Amazon Prime Video’s psychological thriller series Homecoming, based on a podcast of the same name by Eli Horowitz and Micah Bloomberg, had a tightly written, well-paced and brilliantly acted inaugural season. Its conclusion, despite a few loose ends, felt mostly complete. It was a bittersweet ending, but an ending all the same.
And now we have a second season. If this seems to you that Amazon is cashing on the critical reception and popularity of the original season, you can rest assured that it is not. The plans for the second season were clearly laid out when the first one was in pre-production as many scenes from the first season get more context here.
Homecoming is about a titular facility established under a government contract by a certain Geist Group. While it promises rehabilitation for soldiers coming back home from overseas wars, it instead does something downright sinister and even evil. The soldiers housed in the facility are fed medicated food that erases their memory altogether. So instead of something like PTSD, there is no ill effect of the war — only there is a blank spot spanning several years. The ultimate purpose of the programme is to redeploy them and continue the cycle.
The first season had Roberts’ Heidi Bergman as the manager of the facility. She fell in love with one of the soldiers, Walter Cruz (Stephan James), eventually realised the horrors of what was done to him and others, and quit — but not before overdosing herself and Cruz with the medicine.
The sophomore outing tells a new story set in the same world from the perspective of a new protagonist, Janelle Monáe’s Alex, who finds herself adrift on a boat in the middle of a lake, wholly unaware of her whereabouts, or even who she is. She begins retracting her steps to find out what happened to her.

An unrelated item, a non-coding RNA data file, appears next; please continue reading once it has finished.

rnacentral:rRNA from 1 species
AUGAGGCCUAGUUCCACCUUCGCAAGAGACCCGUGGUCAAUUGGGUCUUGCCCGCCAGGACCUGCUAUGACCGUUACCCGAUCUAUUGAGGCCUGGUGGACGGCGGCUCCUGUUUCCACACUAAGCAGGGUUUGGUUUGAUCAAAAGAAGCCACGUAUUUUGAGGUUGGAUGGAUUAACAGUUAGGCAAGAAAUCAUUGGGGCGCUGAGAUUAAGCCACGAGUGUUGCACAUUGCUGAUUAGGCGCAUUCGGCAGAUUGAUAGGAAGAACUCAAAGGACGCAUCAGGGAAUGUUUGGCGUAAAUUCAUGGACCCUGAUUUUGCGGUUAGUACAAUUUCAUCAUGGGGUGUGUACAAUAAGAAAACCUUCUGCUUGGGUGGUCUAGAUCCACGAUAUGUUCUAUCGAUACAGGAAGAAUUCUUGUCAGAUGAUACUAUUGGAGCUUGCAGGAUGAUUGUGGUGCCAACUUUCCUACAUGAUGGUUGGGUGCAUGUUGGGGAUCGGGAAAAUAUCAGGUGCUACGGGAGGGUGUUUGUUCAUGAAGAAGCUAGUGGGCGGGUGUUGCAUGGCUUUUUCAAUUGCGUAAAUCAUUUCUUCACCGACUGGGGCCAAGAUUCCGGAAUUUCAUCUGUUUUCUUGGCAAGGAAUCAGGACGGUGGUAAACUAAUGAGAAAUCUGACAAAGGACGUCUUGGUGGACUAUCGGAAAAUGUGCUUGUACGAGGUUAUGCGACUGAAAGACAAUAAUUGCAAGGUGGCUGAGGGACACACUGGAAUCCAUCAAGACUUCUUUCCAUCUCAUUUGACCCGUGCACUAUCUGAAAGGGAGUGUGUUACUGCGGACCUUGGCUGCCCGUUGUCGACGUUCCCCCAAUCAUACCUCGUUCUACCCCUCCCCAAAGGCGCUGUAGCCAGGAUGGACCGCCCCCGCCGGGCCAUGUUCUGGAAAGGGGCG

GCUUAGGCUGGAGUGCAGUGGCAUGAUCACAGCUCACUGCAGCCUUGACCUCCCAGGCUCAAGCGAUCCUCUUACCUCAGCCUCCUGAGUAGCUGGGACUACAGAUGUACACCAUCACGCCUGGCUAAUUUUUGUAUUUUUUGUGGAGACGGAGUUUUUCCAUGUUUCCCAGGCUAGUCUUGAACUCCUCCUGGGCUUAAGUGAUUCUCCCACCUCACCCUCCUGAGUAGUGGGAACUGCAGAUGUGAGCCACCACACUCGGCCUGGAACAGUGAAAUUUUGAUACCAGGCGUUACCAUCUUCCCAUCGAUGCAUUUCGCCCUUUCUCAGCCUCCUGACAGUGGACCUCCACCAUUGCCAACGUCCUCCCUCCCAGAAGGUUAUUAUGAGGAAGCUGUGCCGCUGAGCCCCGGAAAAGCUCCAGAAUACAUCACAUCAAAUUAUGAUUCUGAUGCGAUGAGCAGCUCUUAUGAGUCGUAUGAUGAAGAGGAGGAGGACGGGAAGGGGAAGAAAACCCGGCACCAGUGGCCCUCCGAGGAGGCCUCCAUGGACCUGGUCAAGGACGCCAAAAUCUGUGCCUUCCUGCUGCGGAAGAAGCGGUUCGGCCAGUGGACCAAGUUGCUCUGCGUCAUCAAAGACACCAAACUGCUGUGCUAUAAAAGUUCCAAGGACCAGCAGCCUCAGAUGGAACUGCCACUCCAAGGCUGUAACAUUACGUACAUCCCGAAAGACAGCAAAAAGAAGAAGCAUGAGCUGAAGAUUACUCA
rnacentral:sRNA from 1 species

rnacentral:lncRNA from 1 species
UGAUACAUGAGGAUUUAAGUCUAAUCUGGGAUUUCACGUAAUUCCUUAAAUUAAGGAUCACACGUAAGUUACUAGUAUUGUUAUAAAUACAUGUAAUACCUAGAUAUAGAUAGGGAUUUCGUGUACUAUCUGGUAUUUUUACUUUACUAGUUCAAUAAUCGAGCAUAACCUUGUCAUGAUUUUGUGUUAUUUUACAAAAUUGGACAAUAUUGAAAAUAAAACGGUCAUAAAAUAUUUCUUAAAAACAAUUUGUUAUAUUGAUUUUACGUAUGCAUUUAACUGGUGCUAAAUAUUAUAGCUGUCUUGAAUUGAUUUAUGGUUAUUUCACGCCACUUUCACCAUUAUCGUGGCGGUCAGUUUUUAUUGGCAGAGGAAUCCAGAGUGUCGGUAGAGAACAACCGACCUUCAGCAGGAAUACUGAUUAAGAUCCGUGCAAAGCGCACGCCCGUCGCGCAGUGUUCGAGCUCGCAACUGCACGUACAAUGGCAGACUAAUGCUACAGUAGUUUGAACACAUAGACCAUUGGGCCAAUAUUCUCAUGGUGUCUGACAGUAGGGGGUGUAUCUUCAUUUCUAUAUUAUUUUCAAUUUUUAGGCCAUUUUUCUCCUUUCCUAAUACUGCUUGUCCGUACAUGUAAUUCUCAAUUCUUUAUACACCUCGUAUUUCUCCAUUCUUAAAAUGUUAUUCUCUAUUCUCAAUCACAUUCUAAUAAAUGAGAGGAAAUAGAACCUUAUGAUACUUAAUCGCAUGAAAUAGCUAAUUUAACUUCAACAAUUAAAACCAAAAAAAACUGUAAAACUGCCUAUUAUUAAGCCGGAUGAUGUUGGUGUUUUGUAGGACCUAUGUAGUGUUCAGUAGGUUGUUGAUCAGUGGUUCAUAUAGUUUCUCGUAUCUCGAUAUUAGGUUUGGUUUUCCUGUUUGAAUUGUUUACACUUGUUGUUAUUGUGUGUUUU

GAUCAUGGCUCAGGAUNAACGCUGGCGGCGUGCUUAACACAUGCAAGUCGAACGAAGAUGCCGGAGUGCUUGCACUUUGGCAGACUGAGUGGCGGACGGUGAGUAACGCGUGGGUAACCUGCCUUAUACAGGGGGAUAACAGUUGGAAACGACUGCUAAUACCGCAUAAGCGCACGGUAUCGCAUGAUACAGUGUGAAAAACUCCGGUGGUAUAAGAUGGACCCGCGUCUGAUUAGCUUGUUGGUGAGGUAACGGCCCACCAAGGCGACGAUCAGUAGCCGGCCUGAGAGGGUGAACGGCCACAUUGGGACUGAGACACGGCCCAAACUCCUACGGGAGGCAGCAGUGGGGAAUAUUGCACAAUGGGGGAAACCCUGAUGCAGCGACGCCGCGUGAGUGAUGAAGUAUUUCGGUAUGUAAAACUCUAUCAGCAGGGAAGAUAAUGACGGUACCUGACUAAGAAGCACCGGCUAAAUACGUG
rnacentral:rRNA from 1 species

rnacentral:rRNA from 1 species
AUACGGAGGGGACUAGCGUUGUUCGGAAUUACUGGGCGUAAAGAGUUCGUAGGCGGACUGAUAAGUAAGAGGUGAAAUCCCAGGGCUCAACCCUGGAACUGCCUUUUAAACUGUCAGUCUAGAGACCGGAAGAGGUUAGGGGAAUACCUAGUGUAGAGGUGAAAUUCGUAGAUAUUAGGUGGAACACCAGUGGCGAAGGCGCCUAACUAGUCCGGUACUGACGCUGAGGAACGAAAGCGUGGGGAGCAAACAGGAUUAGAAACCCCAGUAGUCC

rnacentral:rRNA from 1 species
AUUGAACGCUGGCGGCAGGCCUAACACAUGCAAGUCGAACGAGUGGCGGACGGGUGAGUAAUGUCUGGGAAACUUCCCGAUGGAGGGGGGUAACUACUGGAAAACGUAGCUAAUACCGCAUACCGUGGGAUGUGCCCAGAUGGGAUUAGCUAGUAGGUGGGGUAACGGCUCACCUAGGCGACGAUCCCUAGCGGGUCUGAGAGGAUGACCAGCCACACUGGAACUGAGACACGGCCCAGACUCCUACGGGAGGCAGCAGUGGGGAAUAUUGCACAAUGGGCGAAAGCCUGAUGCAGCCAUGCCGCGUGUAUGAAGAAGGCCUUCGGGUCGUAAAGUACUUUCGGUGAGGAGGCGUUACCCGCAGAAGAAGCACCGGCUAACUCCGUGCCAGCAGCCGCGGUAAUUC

James’ Walter is the only major character that returns from the original season. While it felt like he was blissfully unaware of what was done to him in the finale of the first season, he gets flashes of the memories he has now lost and decides to find out the truth. Alex and Walter’s search eventually coincides, and it leads to the shady Geist Group.
The second season does not have the charismatic presence of Julia Roberts and Sam Ismail’s direction, though both are still listed as executive producers. But the writing saves the day. And the runtime of around 30 minutes really helps, especially since the pacing is just right. It does have its contemplative moments, but they never feel like a drag.
The new cast members were excellent. Chris Cooper as the owner of Geist was a surprise — both because it was intended to be so and also because Cooper did a sublime job in fleshing out a fairly minor character and make it way more impactful than it would have been otherwise. So much so that he was my the highlight for me this season. Hong Chau’s talents I have already witnessed in Watchmen, and she was great here as well. Joan Cusack also impressed in her minor role as a slimy government official, though I do wish she was the Big Bad this season.
Homecoming season 2 feel fresh and is as compulsive a watch as the first season.
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